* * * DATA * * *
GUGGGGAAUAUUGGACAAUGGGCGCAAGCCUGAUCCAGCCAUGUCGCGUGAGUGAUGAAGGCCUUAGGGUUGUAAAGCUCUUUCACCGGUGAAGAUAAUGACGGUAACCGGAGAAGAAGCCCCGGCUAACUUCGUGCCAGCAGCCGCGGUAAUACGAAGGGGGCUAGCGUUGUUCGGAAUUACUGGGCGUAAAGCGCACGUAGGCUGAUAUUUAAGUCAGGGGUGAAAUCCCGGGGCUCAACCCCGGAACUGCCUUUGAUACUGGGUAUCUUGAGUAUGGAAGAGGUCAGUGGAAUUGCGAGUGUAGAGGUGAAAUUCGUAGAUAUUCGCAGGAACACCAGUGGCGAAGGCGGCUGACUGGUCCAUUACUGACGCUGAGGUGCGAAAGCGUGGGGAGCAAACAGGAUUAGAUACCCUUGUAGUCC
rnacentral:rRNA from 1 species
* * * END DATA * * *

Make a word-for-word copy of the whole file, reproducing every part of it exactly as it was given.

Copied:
GUGGGGAAUAUUGGACAAUGGGCGCAAGCCUGAUCCAGCCAUGUCGCGUGAGUGAUGAAGGCCUUAGGGUUGUAAAGCUCUUUCACCGGUGAAGAUAAUGACGGUAACCGGAGAAGAAGCCCCGGCUAACUUCGUGCCAGCAGCCGCGGUAAUACGAAGGGGGCUAGCGUUGUUCGGAAUUACUGGGCGUAAAGCGCACGUAGGCUGAUAUUUAAGUCAGGGGUGAAAUCCCGGGGCUCAACCCCGGAACUGCCUUUGAUACUGGGUAUCUUGAGUAUGGAAGAGGUCAGUGGAAUUGCGAGUGUAGAGGUGAAAUUCGUAGAUAUUCGCAGGAACACCAGUGGCGAAGGCGGCUGACUGGUCCAUUACUGACGCUGAGGUGCGAAAGCGUGGGGAGCAAACAGGAUUAGAUACCCUUGUAGUCC
rnacentral:rRNA from 1 species